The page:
A shortcoming of the CFP Board multimedia presentations defining a CFP’s fiduciary duty is that the Single Subject (SS) series of presentations all share the same title. The titles are identical except that one is entitled “Scenario SS1” and the other is “Scenario SS2.” These titles almost ensure that these presentations, which are so important for professionals and the public to understand, won’t be easy to find on the Web.
Entitling the videos something like, “When Is A CFP A Fiduciary,” would make these presentations far more likely to be found on the Web than “Scenario SS1: Understanding the definition of financial planning and material elements of financial planning: Advice in a Single Subject Area.”
By not giving the presentations titles that contain search terms people would use who are trying to learn about this topic, CFP Board is burying the information, obscuring it from public view, unintentionally, of course.
Scenario SS1: Understanding the definition of financial planning and material elements of financial planning: Advice in a Single Subject Area. While sharing the same subtitle as Scenario SS3, Scenario SS1 is otherwise quite different. It provides guidance on a common scenario: a CFP giving advice in a single area of financial planning -- estate planning -- to a business owner.
In this case, an attorney recommends an irrevocable life insurance trust (ILIT), and the client needs life insurance for the ILIT as part of a business succession plan. The attorney refers the client to a CFP practitioner Liz Weston. Liz recommends two products, an ordinary life policy and a variable universal life policy.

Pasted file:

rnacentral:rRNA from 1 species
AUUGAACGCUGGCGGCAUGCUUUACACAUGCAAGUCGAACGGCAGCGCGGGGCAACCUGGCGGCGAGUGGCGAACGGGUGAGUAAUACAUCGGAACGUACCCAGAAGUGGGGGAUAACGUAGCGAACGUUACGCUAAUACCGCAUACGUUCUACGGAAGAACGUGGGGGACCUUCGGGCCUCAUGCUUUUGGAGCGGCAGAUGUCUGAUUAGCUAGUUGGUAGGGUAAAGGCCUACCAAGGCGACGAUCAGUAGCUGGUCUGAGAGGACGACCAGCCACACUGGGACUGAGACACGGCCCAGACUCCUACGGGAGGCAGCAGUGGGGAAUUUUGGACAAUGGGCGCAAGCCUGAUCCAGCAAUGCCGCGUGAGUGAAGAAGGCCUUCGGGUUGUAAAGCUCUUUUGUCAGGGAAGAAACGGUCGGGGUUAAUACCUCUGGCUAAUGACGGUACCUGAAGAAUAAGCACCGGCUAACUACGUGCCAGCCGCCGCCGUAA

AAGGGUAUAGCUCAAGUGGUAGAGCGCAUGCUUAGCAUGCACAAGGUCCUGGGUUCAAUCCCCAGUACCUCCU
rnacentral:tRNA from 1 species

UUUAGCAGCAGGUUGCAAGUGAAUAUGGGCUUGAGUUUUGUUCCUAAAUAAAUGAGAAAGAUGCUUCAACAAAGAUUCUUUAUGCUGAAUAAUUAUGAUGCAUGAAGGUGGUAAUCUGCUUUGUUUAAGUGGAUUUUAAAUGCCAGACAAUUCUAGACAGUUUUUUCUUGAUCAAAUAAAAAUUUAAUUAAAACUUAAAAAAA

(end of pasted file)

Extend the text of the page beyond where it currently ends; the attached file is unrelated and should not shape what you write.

To understand whether she will be advising the client as a fiduciary, according to CFP Board’s video, Liz must first examine whether she is performing financial planning for the client or material elements of financial planning. If she is providing financial planning, CFP Board says then Liz would be required to establish a written agreement with the client, provide the client with a written explanation of all compensation and conflicts of interest, and to act as a fiduciary.
Since providing the material elements of financial planning could trigger the fiduciary obligation and other standards of conduct, Liz must rely on CFP Board’s four factors guiding practitioners, the same four factors referred to above in SS3.
While Liz’s research is "deep," her advice is not so broad that the client would believe it goes beyond estate planning. So Liz, in Scenario SS1 is not providing financial planning or material elements of financial planning. As a result, Liz is not required to act as a fiduciary.
The CFP in SS1 is not required to provide written disclosures about her compensation, and a written agreement, CFP Board says.
“Liz is not required to act as a fiduciary as defined by CFP Board,” according to Scenario SS1. “However Liz always tries her best to recommend what is in the client’s best interest in every case.”
CFP Board adds: “She does have to place the client’s interests ahead of her own and use reasonable and prudent judgment,” CFP Board says.
Again, CFP Board appears to be saying that placing a client’s interest ahead of your own is different from what it expects practitioners to do as a fiduciary. (Hopefully, this post will encourage CFP Board to explain that point.)
This presentation is about Owen Weiss, CFP, a registered rep at a large BD with an RIA subsidiary, and the RIA offers financial planning. In Scenario RIA 2, Weiss provides financial planning as part of a team.